• Many of the groups with the lowest rates of COVID-19 vaccination are also the groups that have been disproportionately affected by the pandemic, including severe illness and mortality. Research is urgently needed to understand why these disparities exist and how they can be addressed, for example through public health or community engagement programmes. Since the relationships between sociodemographic characteristics and vaccination uptake may differ by age group, it is important for future research to disaggregate by age group when examining these inequalities.

Introduction

The UK began an ambitious vaccination programme to combat the COVID-19 pandemic on 8 December 2020; by 27 September 2021, 89.6% of the UK adult population had received their first dose.1 Previous research demonstrates that rates of vaccination for a variety of diseases are lower among certain ethnic groups and in areas of higher deprivation,2–5 and that rates of COVID-19 vaccination differ by sociodemographic factors, religion, and certain underlying health conditions.6 7 However, the evidence for COVID-19 vaccination rates has so far focused on older adults and the clinically vulnerable, who were initially prioritised for vaccination. Less is known about COVID-19 vaccination rates among younger adults, or about differences in the impact of sociodemographic factors across different age groups.

Understanding which sociodemographic, economic and cultural factors are associated with lower vaccination rates across the whole adult population has major implications for the design of policies that help to maximise coverage of the vaccination campaign. Achieving a high rate of vaccination in the population and not just in those at the highest risk is critical to slow infection, reduce hospital admissions, and help healthcare systems and countries recover from the pandemic.8 Understanding sociodemographic inequalities in vaccination rates may also provide insights into how the vaccination programme could be tailored to improve uptake among certain groups. This is especially important given that inequalities in the social determinants of health, such as occupation and access to healthcare, have been particularly influential during the COVID-19 pandemic and disproportionately impact some of the same groups for whom vaccination rates are reported to be low.9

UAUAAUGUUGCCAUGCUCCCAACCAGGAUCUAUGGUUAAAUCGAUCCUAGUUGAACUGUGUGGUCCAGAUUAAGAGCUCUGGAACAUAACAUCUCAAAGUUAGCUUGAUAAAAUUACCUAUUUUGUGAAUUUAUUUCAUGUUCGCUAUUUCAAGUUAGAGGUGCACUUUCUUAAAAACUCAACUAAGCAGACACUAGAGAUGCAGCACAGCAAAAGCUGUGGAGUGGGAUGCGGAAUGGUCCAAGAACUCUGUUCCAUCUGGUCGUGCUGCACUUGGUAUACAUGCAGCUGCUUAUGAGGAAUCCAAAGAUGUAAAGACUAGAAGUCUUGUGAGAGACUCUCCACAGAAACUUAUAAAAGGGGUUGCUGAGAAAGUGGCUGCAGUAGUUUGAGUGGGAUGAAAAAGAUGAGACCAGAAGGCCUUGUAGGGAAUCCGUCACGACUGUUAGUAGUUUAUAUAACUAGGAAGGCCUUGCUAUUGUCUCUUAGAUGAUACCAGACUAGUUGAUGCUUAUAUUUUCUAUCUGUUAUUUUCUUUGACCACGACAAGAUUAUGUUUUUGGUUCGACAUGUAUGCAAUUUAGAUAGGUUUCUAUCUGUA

This study investigates inequality in vaccination rates by age group and sociodemographic characteristics among adults aged 18 years or over in England, using population-level administrative records linked to the 2011 Census. This dataset enables examination of a wide range of sociodemographic characteristics lacking in previously published studies including age, sex, ethnicity, religious affiliation, area deprivation, disability status, English language proficiency, socioeconomic classification and educational attainment.

Methods

Data

We linked vaccination data from the National Health Service (NHS) England and NHS Improvement’s National Immunisation Management System (NIMS) to the Office for National Statistics (ONS) Public Health Data Asset (PHDA) based on NHS number (a unique identifier). The ONS PHDA is a linked dataset that includes the 2011 Census, mortality records, and the General Practice Extraction Service (GPES) data for pandemic planning and research. To obtain NHS numbers for the 2011 Census, we linked the 2011 Census to the 2011–2013 NHS Patient Registers using deterministic and probabilistic matching, with an overall linkage rate of 94.6%. All subsequent linkages were performed based on NHS numbers. The study population consisted of adults aged 18 years or over, alive on 8 December 2020, who were resident in England, registered with a general practitioner, and enumerated at the 2011 Census. Of 38 066 935 adults aged 18 years or over who received a first dose of a COVID-19 vaccine in NIMS, 30 505 356 (80.1%) were linked to the ONS PHDA.

Outcome

The outcome was having received at least one dose of any COVID-19 vaccine as recorded in NIMS on 15 September 2021. To calculate cumulative rates, vaccination status was assessed on the last day of each month from December 2020 to August 2021.

Exposures

This dataset contains comprehensive sociodemographic information from the 2011 Census and geographical information from GPES. Demographic and socioeconomic characteristics including age, sex, ethnicity, religion, socioeconomic status and self-reported disability status were based on the 2011 Census. We used a 10-category ethnic group classification (white British, Bangladeshi, black African, black Caribbean, Chinese, Indian, mixed, other, Pakistani, white other). Region, urban/rural status and area deprivation (Index of Multiple Deprivation, IMD10) were derived from the 2019 GPES. We also considered English language proficiency, educational attainment, the National Statistics Socio-Economic Classification (NS-SEC) and household tenure, all of which were drawn from the 2011 Census. All variables included in this analysis and their source are listed in online supplemental table S1.